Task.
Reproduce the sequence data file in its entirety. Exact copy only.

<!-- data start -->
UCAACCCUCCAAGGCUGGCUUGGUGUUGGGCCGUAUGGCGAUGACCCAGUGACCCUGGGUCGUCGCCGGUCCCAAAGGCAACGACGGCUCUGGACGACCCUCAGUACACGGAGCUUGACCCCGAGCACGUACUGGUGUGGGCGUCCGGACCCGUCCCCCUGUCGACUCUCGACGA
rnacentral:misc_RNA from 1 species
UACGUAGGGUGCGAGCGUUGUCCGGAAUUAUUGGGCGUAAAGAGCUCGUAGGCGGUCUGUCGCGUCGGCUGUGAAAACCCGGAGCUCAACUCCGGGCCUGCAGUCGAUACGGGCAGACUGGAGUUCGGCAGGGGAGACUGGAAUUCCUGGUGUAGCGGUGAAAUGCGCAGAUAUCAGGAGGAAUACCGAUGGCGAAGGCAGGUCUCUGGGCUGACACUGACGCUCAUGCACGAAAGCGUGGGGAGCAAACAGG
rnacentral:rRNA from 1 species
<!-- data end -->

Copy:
UCAACCCUCCAAGGCUGGCUUGGUGUUGGGCCGUAUGGCGAUGACCCAGUGACCCUGGGUCGUCGCCGGUCCCAAAGGCAACGACGGCUCUGGACGACCCUCAGUACACGGAGCUUGACCCCGAGCACGUACUGGUGUGGGCGUCCGGACCCGUCCCCCUGUCGACUCUCGACGA
rnacentral:misc_RNA from 1 species
UACGUAGGGUGCGAGCGUUGUCCGGAAUUAUUGGGCGUAAAGAGCUCGUAGGCGGUCUGUCGCGUCGGCUGUGAAAACCCGGAGCUCAACUCCGGGCCUGCAGUCGAUACGGGCAGACUGGAGUUCGGCAGGGGAGACUGGAAUUCCUGGUGUAGCGGUGAAAUGCGCAGAUAUCAGGAGGAAUACCGAUGGCGAAGGCAGGUCUCUGGGCUGACACUGACGCUCAUGCACGAAAGCGUGGGGAGCAAACAGG
rnacentral:rRNA from 1 species